Joseph Murray collected Kauri gum from his 174 acres of land however he was not the only gum digger and nor was he the first. While the Kauri gum industry had its strongest roots in the northern regions, the bays of Auckland’s North Shore were not to be denied a share in the profits. The areas of Mairangi Bay and Campbells Bay exist on the buried bones of an ancient Kauri forest and the evidence can still be seen today in the stumps and logs embedded in the sands of the beaches. There is also the remnants of a gum digger’s shack in Centennial Park.
The value of Kauri gum was in its export for the production of furniture polish mainly for export to England. Kauri gum had around fifty years of boom until in the early twentieth century dwindling resources and growing disquiet over poor conditions saw it slowly bleed into the recesses of history.
Old ways of transportation
This photograph was taken in 1923. It shows the beach with the bullock teams hauling the pine logs. Notice that entire families are assisting in this. All transportation in and out of Mairangi Bay was by sea and the transport bullocks pulling carts. The logs were then rafted into Auckland to service the building industry’s demand for timber. This is at a time when Auckland was still a new development and there were many buildings being erected.
Place for a holiday
This photograph was taken around 1925, eighty five years ago. The one unchanging feature of course is Rangitoto Island whereas there is little else that you could recognise. It is in fact near Brighton Terrace looking down into Mairangi Bay Village Centre. The few buildings you can see are holiday baches. Until the Harbour Bridge was built 50 years ago there was very little here as it was not convenient to Auckland and only viewed as a holiday area. If you know the history of any of these baches please write and let us know.
Joseph Murray’s farm
Joseph Murray bought the land we know as Mairangi Bay from the Maori Tommy, who owned it in 1880. Originally the area was known as Little Murrays Bay because at the time Big Murrays Bay was the larger settlement. The Maori originally called the area Waipapa Bay, which means water over wood. This is his homestead which was in Montrose Terrace pre 1916. Joseph Murray lived to be 98 years old. He sold the farm in 1912 to a land syndicate and he was paid 50 pounds an acre. The developers subdivided the land for holiday home sections.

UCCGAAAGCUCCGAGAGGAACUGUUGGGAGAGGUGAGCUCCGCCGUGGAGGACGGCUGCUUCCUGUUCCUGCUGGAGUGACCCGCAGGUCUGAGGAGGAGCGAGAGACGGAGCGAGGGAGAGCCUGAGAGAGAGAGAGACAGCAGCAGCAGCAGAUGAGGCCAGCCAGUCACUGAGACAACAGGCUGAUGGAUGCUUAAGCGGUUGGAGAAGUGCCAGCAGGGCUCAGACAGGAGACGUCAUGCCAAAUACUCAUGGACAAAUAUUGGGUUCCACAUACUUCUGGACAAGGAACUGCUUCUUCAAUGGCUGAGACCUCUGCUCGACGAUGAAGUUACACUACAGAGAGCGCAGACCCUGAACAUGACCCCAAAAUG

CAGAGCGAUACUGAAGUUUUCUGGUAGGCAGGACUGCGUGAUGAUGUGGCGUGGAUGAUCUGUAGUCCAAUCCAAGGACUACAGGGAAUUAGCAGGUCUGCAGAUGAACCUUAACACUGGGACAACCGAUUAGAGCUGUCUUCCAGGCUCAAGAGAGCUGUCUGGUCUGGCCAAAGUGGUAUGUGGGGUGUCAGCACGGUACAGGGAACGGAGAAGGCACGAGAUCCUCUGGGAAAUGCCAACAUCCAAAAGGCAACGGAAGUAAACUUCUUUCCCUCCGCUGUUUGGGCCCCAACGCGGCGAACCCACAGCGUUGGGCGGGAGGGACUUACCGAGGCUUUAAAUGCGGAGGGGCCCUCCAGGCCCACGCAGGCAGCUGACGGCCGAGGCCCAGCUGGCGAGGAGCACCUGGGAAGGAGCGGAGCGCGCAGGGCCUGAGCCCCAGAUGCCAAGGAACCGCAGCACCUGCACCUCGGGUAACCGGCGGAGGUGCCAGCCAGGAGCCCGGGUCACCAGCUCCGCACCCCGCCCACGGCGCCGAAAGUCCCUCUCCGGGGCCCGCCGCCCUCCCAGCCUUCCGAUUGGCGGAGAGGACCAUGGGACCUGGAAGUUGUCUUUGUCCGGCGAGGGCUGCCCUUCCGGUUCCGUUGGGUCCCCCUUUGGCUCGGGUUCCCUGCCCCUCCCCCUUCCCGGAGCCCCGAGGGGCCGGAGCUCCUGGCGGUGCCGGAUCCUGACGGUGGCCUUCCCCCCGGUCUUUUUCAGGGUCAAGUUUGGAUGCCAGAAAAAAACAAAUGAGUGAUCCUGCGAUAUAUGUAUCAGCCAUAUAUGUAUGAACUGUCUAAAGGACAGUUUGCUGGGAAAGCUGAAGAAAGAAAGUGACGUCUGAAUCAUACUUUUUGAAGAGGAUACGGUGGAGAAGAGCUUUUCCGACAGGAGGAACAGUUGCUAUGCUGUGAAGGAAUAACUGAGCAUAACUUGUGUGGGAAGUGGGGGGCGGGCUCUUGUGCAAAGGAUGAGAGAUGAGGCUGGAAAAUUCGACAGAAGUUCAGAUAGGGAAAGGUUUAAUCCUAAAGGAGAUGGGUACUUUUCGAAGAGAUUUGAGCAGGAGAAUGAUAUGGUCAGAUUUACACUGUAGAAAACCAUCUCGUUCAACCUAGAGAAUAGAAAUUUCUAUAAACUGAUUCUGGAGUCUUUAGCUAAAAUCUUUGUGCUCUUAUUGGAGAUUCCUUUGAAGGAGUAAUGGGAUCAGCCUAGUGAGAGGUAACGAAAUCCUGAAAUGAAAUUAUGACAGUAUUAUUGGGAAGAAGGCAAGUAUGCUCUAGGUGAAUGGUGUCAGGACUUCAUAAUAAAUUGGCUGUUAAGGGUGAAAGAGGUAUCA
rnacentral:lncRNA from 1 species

This photograph, taken in 1927, shows Mairangi Bay beach. At this time Murrays Bay was known as Big Murray and Mairangi Bay as Little Murrays Bay, hence the handwritten “Murrays Bay” on the photo. (The name Murray came from Joseph Murray the Pakeha owner of the land). This obviously led to a lot of confusion and so it was decided to rename Little Murrays Bay to Mairangi Bay.
East Coast Road in the 1950s
This is a photo of the original East Coast Road and was taken in the 1950s. The site is between the rose garden and Rangitoto College. This is before the road was re-aligned to its present position.
This is the last of the photos that I have. If you have anything over 30 years old you would like to share please email Gabrielle Sheddan at firstname.lastname@example.org with the photo and an explanation about the photograph.
Times have changed. Do you know that in 1920 Mairangi Bay was advertised as being “only one hour’s walk from Takapuna steam tram stop at Milford”.